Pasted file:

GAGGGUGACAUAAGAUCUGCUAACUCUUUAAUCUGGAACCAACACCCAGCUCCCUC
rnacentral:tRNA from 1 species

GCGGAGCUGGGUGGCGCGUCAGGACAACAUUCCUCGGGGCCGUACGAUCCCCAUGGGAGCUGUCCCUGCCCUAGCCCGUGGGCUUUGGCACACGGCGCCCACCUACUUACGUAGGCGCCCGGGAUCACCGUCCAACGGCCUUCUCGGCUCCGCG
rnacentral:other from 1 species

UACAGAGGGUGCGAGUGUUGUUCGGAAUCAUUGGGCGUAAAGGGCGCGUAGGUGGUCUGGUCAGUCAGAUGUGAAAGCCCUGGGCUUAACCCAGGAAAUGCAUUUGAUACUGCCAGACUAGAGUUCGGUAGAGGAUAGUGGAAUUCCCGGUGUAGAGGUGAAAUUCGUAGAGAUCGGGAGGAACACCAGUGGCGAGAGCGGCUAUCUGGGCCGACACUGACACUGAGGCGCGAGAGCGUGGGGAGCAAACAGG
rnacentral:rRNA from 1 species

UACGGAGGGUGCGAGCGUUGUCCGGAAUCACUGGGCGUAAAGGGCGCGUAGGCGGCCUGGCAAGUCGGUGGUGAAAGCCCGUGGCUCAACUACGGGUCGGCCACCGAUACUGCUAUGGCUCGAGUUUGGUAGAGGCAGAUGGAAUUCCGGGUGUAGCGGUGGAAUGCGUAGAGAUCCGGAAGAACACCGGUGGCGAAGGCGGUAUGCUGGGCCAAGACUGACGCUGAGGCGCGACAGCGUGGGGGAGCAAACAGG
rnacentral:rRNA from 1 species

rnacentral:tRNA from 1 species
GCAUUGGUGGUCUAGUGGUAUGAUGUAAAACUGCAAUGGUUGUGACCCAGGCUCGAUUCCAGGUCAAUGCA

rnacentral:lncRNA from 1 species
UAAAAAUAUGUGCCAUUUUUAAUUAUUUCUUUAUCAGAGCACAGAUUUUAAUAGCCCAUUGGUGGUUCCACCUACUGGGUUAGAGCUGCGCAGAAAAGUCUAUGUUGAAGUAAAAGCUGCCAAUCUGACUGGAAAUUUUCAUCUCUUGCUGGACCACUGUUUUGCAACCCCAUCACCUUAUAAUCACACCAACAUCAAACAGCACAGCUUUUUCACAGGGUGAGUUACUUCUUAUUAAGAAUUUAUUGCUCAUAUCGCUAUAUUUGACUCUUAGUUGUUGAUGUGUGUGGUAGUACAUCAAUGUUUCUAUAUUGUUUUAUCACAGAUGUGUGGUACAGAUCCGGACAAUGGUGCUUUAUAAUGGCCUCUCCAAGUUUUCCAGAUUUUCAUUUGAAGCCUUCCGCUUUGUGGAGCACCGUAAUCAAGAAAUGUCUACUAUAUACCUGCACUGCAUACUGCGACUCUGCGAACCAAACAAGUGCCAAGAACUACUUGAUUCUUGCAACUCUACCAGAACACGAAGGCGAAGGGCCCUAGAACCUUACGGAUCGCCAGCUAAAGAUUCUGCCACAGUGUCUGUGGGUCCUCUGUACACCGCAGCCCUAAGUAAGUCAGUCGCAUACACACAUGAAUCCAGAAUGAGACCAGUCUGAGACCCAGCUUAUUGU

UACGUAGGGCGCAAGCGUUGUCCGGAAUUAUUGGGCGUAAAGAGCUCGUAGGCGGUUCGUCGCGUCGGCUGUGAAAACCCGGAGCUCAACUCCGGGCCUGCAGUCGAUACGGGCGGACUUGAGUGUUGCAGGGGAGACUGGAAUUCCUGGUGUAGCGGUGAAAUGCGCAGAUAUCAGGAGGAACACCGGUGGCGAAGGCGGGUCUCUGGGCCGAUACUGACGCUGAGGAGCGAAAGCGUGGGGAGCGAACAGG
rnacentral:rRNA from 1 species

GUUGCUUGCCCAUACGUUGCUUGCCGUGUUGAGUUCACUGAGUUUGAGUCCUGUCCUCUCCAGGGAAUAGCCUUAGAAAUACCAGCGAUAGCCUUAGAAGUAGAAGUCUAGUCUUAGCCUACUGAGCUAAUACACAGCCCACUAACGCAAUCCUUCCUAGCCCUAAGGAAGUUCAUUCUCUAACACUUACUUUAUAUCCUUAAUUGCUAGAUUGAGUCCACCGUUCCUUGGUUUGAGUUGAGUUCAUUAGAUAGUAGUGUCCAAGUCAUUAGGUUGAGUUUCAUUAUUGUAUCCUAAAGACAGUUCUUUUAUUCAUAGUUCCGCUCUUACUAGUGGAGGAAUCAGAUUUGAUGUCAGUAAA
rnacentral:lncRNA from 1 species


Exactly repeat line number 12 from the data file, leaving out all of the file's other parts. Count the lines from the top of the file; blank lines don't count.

UAAAAAUAUGUGCCAUUUUUAAUUAUUUCUUUAUCAGAGCACAGAUUUUAAUAGCCCAUUGGUGGUUCCACCUACUGGGUUAGAGCUGCGCAGAAAAGUCUAUGUUGAAGUAAAAGCUGCCAAUCUGACUGGAAAUUUUCAUCUCUUGCUGGACCACUGUUUUGCAACCCCAUCACCUUAUAAUCACACCAACAUCAAACAGCACAGCUUUUUCACAGGGUGAGUUACUUCUUAUUAAGAAUUUAUUGCUCAUAUCGCUAUAUUUGACUCUUAGUUGUUGAUGUGUGUGGUAGUACAUCAAUGUUUCUAUAUUGUUUUAUCACAGAUGUGUGGUACAGAUCCGGACAAUGGUGCUUUAUAAUGGCCUCUCCAAGUUUUCCAGAUUUUCAUUUGAAGCCUUCCGCUUUGUGGAGCACCGUAAUCAAGAAAUGUCUACUAUAUACCUGCACUGCAUACUGCGACUCUGCGAACCAAACAAGUGCCAAGAACUACUUGAUUCUUGCAACUCUACCAGAACACGAAGGCGAAGGGCCCUAGAACCUUACGGAUCGCCAGCUAAAGAUUCUGCCACAGUGUCUGUGGGUCCUCUGUACACCGCAGCCCUAAGUAAGUCAGUCGCAUACACACAUGAAUCCAGAAUGAGACCAGUCUGAGACCCAGCUUAUUGU